“Just what exactly is a culture of enterprise?” Dr. Richard Brake, Director of the Culture of Enterprise Initiative at the Intercollegiate Studies Institute (ISI), asked at a Heritage Foundation event on April 2nd. “[P]erhaps even more important, how have this past year’s dramatic and, in many ways, unprecedented economic events…affected the long-term viability and prospects for securing and expanding the benefits of a dynamic, vibrant, and humane culture of enterprise?” He said simply, “[W]e are…at a crossroads today” and turned to the panelists to answer his previous questions.
The panelists were the winners of a contest by the Intercollegiate Studies Institute. Timothy Carney won for his book The Big Ripoff: How Big Business and Big Government Steal Your Money.
Carney argued that “big business actually wants more involvement in industry.” With regards to the current economic crisis, he defined a crisis as a time of “opportunity to do things you think you could not do before. More recently, the president promised to discover opportunity in the midst of great crisis. And secretary of state Hillary Clinton exhorted world leaders, ‘never waste a good crisis.’ So what do these politicians mean?” He argued that it means that “opportunity” for many government officials means more government control and consequently, an increase of government.
“If the government is an investor, a lender, or a donor to these organizations, it might be absurd to demand that Washington can’t or shouldn’t place any conditions on the money it spends. So, the collapse of the housing bubble, the meltdown of Wall Street’s most connected firms, the implosion of AIG, the decline of Detroit—all of these bright opportunities for those in power, and those who have always favored more government control to inject Washington more intimately into the finance/auto sector, and maybe broadly, the whole economy.” He argued that those who find small businesses “beautiful” should agree that “in government, small is also beautiful.”
Carney held that there is a “Big Myth.” He explained, “The Big Myth is the notion that big business and big government are rivals, that they check the power of one another.” “The Big Myth creates a false dichotomy of Mom and Pop versus the Free Market.” “The opportunity that this crisis presents us is on this score. Presidents Bush and Obama, through their bailouts…have pierced the Big Myth. Nobody who has been paying close attention can honestly maintain anymore that laissez-faire is the preferred economic policy of big business. They certainly can’t point to specific examples. And nor can they maintain that government’s growth provides a check on businesses.”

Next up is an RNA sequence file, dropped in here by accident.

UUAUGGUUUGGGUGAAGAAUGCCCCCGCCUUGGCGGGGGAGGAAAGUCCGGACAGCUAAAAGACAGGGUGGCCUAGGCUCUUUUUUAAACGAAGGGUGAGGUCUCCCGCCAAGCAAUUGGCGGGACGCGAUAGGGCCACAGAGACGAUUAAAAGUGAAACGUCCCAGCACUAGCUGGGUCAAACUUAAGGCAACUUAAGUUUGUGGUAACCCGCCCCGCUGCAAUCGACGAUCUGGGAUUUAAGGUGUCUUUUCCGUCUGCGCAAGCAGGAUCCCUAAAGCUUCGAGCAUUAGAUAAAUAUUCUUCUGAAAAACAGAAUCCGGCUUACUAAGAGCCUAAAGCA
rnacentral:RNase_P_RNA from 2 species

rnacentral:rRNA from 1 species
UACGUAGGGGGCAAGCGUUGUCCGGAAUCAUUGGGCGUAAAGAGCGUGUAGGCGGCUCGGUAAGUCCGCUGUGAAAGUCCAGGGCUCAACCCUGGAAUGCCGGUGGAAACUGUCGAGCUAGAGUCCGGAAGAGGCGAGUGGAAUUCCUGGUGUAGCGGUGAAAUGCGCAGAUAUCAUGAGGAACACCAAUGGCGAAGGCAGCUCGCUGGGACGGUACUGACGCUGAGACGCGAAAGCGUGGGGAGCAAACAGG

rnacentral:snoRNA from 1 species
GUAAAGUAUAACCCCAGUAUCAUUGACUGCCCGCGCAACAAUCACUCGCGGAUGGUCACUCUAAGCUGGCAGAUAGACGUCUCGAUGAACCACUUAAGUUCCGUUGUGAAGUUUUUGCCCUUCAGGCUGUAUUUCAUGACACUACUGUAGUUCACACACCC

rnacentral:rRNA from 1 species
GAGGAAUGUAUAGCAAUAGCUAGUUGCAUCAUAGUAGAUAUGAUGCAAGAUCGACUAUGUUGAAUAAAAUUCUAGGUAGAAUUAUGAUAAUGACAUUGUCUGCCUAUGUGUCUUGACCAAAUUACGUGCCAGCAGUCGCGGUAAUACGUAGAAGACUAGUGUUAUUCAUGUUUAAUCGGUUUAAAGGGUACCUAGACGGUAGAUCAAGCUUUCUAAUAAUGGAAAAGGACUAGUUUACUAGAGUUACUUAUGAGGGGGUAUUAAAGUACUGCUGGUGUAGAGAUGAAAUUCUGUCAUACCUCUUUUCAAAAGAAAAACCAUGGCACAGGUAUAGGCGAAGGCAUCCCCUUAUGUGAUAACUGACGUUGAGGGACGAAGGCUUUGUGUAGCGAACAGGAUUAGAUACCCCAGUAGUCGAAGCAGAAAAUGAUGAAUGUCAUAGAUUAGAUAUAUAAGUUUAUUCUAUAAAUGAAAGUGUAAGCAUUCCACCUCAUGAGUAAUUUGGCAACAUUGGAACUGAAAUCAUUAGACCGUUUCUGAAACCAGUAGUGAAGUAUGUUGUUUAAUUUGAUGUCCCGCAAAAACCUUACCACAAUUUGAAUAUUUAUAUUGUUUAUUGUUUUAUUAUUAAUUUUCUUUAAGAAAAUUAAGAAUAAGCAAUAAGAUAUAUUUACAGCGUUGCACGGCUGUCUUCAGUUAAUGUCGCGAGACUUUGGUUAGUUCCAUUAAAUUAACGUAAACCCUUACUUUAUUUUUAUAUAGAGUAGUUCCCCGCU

Carney argued that big government is “killing the small and local” businesses in favor and “at the request” of larger businesses. He painted a picture of a different economic world: “Imagine no bailouts. Imagine a government that wasn’t dedicated to…’restoring lending to previous levels’… Imagine a world where…if people need banks, they will pay for them. If they’re not willing to pay for them, maybe they don’t need them… Many things that are easy today would…become harder in a more libertarian world. Many things that are done for us today we would have to do for ourselves.”
“If government didn’t promise to bail us out if our banks run out of money, or if we borrowed more than we could repay, prudence and thrift would become more common virtues, both on the consumer and on the merchant side… [I]n a smaller freer economy, virtue would be more profitable and more in demand, as would friendship and community. Commerce is supposed to be a positive activity… The culture of business should be a culture of enterprise, but instead, it is a managerial culture embodied by the lobbyists.”
Carney concluded that this is “an opportunity for those of us that care about culture and economic liberty; it’s a chance to show how a regulatory state—even one built up in the name of promoting growth and protecting consumers—replaces entrepreneurs with managers… Restoring the treasures of community, tradition, and family, may require restoring real enterprise. Our current crisis has the virtue of making that a bit clearer.”